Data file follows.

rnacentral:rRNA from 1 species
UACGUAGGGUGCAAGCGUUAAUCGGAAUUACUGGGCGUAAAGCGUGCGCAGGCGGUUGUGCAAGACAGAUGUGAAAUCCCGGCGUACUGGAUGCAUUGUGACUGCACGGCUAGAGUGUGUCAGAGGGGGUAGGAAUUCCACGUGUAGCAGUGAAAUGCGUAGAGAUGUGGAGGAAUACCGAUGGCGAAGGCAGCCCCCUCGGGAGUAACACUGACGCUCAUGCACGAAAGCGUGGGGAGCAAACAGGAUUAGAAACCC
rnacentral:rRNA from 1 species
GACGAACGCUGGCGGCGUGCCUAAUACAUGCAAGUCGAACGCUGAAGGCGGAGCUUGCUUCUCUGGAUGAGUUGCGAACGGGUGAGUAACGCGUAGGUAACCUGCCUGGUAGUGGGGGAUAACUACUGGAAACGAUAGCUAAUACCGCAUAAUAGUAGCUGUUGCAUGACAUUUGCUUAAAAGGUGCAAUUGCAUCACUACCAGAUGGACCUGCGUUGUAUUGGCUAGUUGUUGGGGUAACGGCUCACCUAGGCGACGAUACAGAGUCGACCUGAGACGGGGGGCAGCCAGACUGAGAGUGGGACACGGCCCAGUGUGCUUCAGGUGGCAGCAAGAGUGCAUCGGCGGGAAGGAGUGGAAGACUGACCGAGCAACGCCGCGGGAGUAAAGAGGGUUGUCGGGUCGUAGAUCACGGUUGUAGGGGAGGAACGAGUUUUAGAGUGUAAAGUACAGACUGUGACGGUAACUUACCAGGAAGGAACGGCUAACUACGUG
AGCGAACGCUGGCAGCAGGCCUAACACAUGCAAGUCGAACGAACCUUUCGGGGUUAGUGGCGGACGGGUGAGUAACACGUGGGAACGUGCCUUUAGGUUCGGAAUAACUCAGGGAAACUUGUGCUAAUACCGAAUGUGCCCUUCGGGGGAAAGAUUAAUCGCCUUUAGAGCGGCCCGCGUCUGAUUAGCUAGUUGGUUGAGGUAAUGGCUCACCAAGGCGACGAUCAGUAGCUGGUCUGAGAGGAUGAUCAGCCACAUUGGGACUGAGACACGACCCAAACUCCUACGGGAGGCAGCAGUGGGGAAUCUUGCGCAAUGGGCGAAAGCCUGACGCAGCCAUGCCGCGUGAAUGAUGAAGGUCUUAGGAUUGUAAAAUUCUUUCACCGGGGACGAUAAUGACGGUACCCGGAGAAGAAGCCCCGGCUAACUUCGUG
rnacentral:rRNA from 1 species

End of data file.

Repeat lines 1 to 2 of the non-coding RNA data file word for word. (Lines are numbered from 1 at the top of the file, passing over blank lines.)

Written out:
rnacentral:rRNA from 1 species
UACGUAGGGUGCAAGCGUUAAUCGGAAUUACUGGGCGUAAAGCGUGCGCAGGCGGUUGUGCAAGACAGAUGUGAAAUCCCGGCGUACUGGAUGCAUUGUGACUGCACGGCUAGAGUGUGUCAGAGGGGGUAGGAAUUCCACGUGUAGCAGUGAAAUGCGUAGAGAUGUGGAGGAAUACCGAUGGCGAAGGCAGCCCCCUCGGGAGUAACACUGACGCUCAUGCACGAAAGCGUGGGGAGCAAACAGGAUUAGAAACCC